Sainsbury's concern is to encourage more people to follow the healthy eating principles of at least a third more starch than is the current average intake, at least five portions of fruit or vegetables a day and not too much fat. Our object was to give an example of a healthy diet for an average family, and for a family of four on a lower income (no more than pounds 140 per week). When we put together our healthy eating initiative, we were surprised at the lack of detailed data available for the diets of lower income groups in particular.
In selecting typical shopping baskets, we were not able to take into account individual preferences or tastes. Like the Merritts (who were featured in your article), I don't like strawberry jam but many millions do. We were merely giving examples, expecting people to adapt for their own taste within food categories.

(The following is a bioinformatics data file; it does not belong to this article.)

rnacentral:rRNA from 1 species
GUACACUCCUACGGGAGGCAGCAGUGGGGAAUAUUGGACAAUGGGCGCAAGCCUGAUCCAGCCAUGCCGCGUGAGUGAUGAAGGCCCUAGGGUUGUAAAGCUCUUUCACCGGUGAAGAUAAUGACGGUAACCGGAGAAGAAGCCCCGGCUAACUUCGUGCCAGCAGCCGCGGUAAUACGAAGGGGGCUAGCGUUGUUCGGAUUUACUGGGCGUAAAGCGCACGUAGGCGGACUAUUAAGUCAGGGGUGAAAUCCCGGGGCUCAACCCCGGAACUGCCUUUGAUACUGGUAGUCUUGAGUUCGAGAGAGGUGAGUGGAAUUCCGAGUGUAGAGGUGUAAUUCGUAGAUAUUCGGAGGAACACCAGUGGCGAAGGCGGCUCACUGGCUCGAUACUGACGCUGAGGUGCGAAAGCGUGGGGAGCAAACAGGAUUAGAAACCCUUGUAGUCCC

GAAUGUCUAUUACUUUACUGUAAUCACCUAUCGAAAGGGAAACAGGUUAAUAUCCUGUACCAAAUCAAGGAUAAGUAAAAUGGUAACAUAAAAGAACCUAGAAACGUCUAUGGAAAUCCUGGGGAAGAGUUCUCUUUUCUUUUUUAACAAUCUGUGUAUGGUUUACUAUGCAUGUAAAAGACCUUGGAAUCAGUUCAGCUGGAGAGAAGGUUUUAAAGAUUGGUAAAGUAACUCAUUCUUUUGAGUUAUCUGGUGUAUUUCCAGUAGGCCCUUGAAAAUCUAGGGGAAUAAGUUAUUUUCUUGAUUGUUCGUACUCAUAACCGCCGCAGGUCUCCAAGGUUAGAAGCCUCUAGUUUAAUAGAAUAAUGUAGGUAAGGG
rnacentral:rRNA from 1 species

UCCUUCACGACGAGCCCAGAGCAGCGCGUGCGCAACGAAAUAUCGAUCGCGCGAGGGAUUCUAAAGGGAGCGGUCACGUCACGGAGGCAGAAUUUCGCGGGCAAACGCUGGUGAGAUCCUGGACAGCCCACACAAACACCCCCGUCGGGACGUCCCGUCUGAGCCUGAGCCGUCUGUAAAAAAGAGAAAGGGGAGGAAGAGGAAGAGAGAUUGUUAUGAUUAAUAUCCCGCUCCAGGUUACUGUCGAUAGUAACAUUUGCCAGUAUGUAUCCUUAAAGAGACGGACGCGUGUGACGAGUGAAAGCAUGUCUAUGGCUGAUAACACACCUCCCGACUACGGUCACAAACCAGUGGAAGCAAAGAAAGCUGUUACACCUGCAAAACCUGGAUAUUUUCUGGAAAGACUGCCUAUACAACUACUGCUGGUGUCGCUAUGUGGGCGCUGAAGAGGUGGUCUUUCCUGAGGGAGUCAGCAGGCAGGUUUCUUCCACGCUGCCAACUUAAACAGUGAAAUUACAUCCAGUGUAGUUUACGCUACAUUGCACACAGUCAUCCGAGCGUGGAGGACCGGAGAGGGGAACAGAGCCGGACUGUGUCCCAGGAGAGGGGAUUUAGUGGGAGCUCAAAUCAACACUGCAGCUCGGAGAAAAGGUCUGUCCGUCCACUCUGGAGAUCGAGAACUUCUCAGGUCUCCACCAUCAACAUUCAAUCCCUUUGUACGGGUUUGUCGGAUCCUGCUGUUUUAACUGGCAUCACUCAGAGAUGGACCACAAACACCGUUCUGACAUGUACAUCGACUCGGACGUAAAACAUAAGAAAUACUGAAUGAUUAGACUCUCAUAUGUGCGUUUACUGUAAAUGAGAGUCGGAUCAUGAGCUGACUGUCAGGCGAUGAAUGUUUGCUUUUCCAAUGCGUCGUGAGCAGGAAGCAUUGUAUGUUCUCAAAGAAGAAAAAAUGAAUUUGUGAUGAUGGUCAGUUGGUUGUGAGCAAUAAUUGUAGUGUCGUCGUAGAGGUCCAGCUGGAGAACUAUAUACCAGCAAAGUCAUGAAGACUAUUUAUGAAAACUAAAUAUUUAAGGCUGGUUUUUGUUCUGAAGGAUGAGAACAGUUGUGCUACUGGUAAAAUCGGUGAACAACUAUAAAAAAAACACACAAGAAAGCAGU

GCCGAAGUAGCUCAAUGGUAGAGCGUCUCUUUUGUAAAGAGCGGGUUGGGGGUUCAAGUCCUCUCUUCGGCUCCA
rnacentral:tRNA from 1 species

Equally, it would be surprising if a family such as the Merritts, used to spending pounds 80- pounds 90 a week on food - twice the figure suggested by the National Food Survey for a lower income group - were not to be disappointed by the lack of variety offered by a less expensive diet. But a lower-cost diet can be more healthy than the current average diet (pounds 54.40 per week according to the National Food Survey 1992) if the principles we advocate are followed.
Above all, what your article illustrates is that a family must plan well when it is choosing to adopt a new diet, especially those on a lower income where flexibility is constrained.
Director of Scientific Services
16 SeptemberReuse content